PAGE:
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NC NOW Legislative Update #15 — Games Played With Vetoed Bills – May 13, 2019

Go directly to NC NOW Legislative Update #15 (13 May 19) which includes summary and bills being tracked.

UPDATE:  The vote to override the Governor’s veto of the Born-Alive—Abortion Survivors Protection Act has been placed on the House Calendar for May 15.  This date may or may not hold since several House votes have been scheduled only to be re-scheduled.

The House seems to be playing a game with SB359/HB602:  Born-Alive—Abortion Survivors Protection Act.  The Senate voted to override the Governor’s veto on 04/30/2019.  The bill was placed on the House calendar for both 05/02/2019 and 05/03/2019—then withdrawn both times.  The bill is presently on the House Calendar for 05/06/2019.  A vote to override requires a two-thirds vote of members present and voting.   It looks like the veto override vote is being placed on the House calendar only to be withdrawn over and over again to stymie concerned citizens who may want to be in the gallery for the vote and to allow for a head count to make certain that votes needed for an override are present in the chamber before holding a vote. 

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NC NOW Legislative Update #14 — Glorious Teacher’s March and Bill Veto Games – May 5, 2019

By Robin Davis, VP of Legislative Action

Skip to the full NC NOW Legislative Update_#14 (5 May 19).

The biggest event this week was the march and rally held by teachers and their supporters on May 1.  The march was in support of better funding for our schools, better pay for teachers and other school personnel, and expansion of Medicaid funding since children without adequate medical care cannot learn.  Marchers wore red for ed!  For a more detailed account, see:  https://www.charlotteobserver.com/news/politics-government/article229849024.html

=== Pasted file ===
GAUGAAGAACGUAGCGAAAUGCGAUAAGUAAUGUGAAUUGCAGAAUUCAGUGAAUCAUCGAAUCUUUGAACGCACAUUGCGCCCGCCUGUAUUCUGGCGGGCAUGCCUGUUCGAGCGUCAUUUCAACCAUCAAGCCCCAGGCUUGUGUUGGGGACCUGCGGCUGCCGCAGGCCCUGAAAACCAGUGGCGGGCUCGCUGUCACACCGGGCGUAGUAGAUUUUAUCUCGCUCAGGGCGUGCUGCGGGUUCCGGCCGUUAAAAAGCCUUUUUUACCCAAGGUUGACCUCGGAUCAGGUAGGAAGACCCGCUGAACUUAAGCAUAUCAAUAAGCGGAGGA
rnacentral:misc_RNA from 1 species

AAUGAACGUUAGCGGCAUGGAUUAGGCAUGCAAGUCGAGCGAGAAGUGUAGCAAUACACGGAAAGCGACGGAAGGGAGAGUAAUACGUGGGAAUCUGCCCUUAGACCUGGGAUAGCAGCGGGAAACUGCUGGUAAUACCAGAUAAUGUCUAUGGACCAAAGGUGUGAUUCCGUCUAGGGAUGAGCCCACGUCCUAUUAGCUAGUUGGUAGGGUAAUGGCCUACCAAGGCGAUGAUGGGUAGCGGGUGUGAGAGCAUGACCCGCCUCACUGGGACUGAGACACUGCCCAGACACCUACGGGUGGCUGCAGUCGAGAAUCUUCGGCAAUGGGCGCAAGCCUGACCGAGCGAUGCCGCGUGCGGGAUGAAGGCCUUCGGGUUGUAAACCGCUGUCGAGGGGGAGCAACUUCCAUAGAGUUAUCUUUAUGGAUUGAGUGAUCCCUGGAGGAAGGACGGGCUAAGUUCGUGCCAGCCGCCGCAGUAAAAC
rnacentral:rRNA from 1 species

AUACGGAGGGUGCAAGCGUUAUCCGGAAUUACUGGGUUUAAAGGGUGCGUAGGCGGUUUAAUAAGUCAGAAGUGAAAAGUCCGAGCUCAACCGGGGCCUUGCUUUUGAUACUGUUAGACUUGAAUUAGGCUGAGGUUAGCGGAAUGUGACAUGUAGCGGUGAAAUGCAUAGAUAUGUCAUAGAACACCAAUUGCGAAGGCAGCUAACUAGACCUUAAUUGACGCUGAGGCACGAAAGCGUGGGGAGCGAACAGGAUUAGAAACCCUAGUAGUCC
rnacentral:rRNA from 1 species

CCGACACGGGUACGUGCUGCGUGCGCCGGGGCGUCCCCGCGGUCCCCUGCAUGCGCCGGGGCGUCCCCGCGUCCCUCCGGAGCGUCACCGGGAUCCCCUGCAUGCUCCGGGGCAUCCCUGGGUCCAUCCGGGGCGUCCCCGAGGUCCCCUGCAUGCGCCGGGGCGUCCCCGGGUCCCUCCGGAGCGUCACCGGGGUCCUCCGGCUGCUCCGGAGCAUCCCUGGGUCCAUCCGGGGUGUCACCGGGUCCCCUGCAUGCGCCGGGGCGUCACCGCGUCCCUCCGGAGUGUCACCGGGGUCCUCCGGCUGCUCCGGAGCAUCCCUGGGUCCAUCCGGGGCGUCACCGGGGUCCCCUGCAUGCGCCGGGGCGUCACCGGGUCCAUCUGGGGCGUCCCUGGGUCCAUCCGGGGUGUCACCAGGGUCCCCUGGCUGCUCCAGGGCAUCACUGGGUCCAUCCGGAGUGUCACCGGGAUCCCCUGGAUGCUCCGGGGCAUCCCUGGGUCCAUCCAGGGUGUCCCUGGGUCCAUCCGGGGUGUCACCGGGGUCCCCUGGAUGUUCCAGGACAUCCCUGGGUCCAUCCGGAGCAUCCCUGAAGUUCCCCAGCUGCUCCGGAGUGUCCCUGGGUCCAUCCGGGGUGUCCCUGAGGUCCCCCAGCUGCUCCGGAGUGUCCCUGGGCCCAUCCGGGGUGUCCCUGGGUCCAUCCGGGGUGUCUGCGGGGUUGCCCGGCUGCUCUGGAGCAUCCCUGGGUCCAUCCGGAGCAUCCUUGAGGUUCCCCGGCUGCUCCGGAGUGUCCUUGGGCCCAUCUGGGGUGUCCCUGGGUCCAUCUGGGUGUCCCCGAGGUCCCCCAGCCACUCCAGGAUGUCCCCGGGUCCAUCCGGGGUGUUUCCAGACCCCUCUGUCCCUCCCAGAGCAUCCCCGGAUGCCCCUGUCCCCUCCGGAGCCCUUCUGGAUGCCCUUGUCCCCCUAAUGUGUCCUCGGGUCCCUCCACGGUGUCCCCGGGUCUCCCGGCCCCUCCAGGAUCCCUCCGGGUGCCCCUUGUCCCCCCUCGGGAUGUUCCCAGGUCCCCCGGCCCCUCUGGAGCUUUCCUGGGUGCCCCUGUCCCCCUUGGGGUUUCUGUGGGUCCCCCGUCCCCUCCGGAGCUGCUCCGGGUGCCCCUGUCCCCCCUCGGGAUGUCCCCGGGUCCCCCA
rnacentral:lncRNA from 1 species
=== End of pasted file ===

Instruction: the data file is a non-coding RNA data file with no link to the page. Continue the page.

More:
Photo Credit: Kevin A Smith

The House passed its budget, which does not include funding for Medicaid expansion, and has sent it on to the Senate. 

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Signature Ad Packet Delivery and Letter – 3/25/19

NC NOW members delivered the pro-choice signature ad packets to all of our representatives in the NC House and NC Senate on Monday, 3/25/19. The packets included a copy of the pro-choice signature ad that we ran in Indy Week in January (as we do every year), and a letter from NC NOW.

Photo Credit: Gailya Paliga

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NC NOW Legislative Update, 11 Jun 18

It’s been another crazy week in the NCGA.  Here are some highlights (lowlights) from the North_Carolina_NOW_Legislative_Update_#4_Short_Session, 10_June_2018.

BUDGET
As expected, Governor Cooper vetoed the budget, citing inadequate funding for education and teacher pay raises, implementing unnecessary tax cuts, and the deplorable process used to pass the budget. See “Cooper vetoes budget bill — here’s why,” NC Policy Watch, 6/6/18. The Senate has voted to override the Governor’s veto and the House has voted once to override with a final vote scheduled for 06/12/2018.

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NC NOW Legislative Update, 4 Jun 18

NC NOW Legislative Update #3 of the Short Session, 4 Jun 18 talks about the budget as the most controversial in modern history—not for what it contains, but for the process it went through. The process was explained in detail in NC NOW’s Legislative Update #2 for the Short Session, 28 May 18. This week, people learned more about some inappropriate recipients of taxpayer money, and some of the things the budget did and did not do. 

“The budget did not expand Medicaid coverage or provide adequate funding for education, including supplies and teacher salaries. No money was allocated to begin testing and tracking the backlog of untested rape kits, even though Attorney General Josh Stein requested $2,000,000 for this purpose.”

Actual rape kits used in NC. Displayed at the NC NOW State Conference in Oct 2017. We heard the story of how Fayetteville made the rape kit inventory happen! Photo Credit: Catherine Evangelista